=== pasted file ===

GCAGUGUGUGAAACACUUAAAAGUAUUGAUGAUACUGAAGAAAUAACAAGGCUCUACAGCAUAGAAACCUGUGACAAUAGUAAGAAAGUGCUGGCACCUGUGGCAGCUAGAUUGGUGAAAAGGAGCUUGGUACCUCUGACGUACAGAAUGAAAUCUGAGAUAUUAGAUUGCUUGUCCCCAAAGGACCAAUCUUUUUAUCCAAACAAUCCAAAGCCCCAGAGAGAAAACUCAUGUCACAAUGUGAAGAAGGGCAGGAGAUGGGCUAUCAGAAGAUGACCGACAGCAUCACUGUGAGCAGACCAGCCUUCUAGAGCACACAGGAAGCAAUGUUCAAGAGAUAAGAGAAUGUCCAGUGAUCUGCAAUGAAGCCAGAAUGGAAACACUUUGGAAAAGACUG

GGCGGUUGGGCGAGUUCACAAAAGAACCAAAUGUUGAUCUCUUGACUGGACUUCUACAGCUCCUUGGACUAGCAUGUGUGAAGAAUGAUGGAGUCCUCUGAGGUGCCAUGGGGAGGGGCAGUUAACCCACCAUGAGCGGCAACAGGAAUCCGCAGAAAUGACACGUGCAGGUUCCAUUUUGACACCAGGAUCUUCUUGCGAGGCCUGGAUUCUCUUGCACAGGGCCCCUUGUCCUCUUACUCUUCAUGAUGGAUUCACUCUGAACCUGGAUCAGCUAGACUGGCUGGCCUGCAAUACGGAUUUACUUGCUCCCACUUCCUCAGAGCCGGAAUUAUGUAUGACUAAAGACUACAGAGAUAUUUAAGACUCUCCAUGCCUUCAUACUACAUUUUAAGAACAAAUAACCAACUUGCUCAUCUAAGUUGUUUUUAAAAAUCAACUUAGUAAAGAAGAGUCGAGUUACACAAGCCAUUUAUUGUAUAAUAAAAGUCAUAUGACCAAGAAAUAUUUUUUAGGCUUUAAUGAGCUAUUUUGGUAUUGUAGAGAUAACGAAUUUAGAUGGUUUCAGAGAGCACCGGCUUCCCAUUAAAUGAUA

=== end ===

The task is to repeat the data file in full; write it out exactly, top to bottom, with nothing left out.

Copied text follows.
GCAGUGUGUGAAACACUUAAAAGUAUUGAUGAUACUGAAGAAAUAACAAGGCUCUACAGCAUAGAAACCUGUGACAAUAGUAAGAAAGUGCUGGCACCUGUGGCAGCUAGAUUGGUGAAAAGGAGCUUGGUACCUCUGACGUACAGAAUGAAAUCUGAGAUAUUAGAUUGCUUGUCCCCAAAGGACCAAUCUUUUUAUCCAAACAAUCCAAAGCCCCAGAGAGAAAACUCAUGUCACAAUGUGAAGAAGGGCAGGAGAUGGGCUAUCAGAAGAUGACCGACAGCAUCACUGUGAGCAGACCAGCCUUCUAGAGCACACAGGAAGCAAUGUUCAAGAGAUAAGAGAAUGUCCAGUGAUCUGCAAUGAAGCCAGAAUGGAAACACUUUGGAAAAGACUG

GGCGGUUGGGCGAGUUCACAAAAGAACCAAAUGUUGAUCUCUUGACUGGACUUCUACAGCUCCUUGGACUAGCAUGUGUGAAGAAUGAUGGAGUCCUCUGAGGUGCCAUGGGGAGGGGCAGUUAACCCACCAUGAGCGGCAACAGGAAUCCGCAGAAAUGACACGUGCAGGUUCCAUUUUGACACCAGGAUCUUCUUGCGAGGCCUGGAUUCUCUUGCACAGGGCCCCUUGUCCUCUUACUCUUCAUGAUGGAUUCACUCUGAACCUGGAUCAGCUAGACUGGCUGGCCUGCAAUACGGAUUUACUUGCUCCCACUUCCUCAGAGCCGGAAUUAUGUAUGACUAAAGACUACAGAGAUAUUUAAGACUCUCCAUGCCUUCAUACUACAUUUUAAGAACAAAUAACCAACUUGCUCAUCUAAGUUGUUUUUAAAAAUCAACUUAGUAAAGAAGAGUCGAGUUACACAAGCCAUUUAUUGUAUAAUAAAAGUCAUAUGACCAAGAAAUAUUUUUUAGGCUUUAAUGAGCUAUUUUGGUAUUGUAGAGAUAACGAAUUUAGAUGGUUUCAGAGAGCACCGGCUUCCCAUUAAAUGAUA